Friday, December 17, 2010

Decision making

The last role-playing session ended on a crucial dilemma; does the group continue tracking horse thieves into the night, or do they stop and rest at nightfall, continuing the hunt on the morrow? One player was in favour of pursuing into the night (or at least until the torches ran out - 4 to 5 hours). Three were opposed to the notion. As the game master, I must admit I thought it would be more fun if they continued the chase, so perhaps, one and a half in favour.

We resolved the decision in probably the worst way, flipism. Afterwards, I thought through the ways groups can make decisions. They are
  • Consensus
  • Majority rule
  • Flipism
  • Minority rule
  • Splitting the group
  • Rational argument
Clearly consensus is a terrible idea. It's little more than formalised coercion. Majority rule is better than consensus, at least the dissenters can announce their reservations even though they accept the decision. Still, it's a bad idea (what if the minority are correct in their beliefs?)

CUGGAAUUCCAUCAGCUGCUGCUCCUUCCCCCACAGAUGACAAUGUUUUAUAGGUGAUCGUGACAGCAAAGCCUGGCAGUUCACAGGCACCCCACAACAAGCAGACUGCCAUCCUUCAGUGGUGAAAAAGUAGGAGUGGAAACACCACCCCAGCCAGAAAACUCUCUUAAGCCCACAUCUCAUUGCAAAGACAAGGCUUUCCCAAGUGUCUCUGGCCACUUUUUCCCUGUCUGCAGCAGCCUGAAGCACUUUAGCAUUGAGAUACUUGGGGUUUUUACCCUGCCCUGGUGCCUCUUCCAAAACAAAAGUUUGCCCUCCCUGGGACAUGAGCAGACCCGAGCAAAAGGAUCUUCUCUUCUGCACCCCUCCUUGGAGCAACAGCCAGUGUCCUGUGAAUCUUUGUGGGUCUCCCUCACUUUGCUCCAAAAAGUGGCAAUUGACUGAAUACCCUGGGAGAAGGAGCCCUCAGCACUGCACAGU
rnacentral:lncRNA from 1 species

Flipism is the worst of the lot, but maybe in things like RPGs it can be fun. I thought it was fun to see the group slowly be influenced into continuing the pursuit, only to see the process break-down on the last person.

Splitting the group is also completely valid, if somewhat dramatic. Nevertheless, there should be nothing stopping one or more people leaving the others behind.

Rational argument, that is, arriving at a decision based on looking at all known options and collectively deciding which is the best, is the finest way to solve a problem. It's too bad that few use it. (I'm not sure how well it fits the fantasy world of Glorantha, however.)

The crazy thing was that - during the session - I'd forgotten all about minority rule. Often in RPGs a leader forms simply because the others aren't very communicative or are disinterested. This wasn't the case with this group/session. I had a bunch of free thinking anarchists roaming Glorantha. This will not do. A leader shall emerge. At the very least, it'll create more interesting dynamics; those that don't lead, rebel. Also, having one more option to fall back on is always a good thing.

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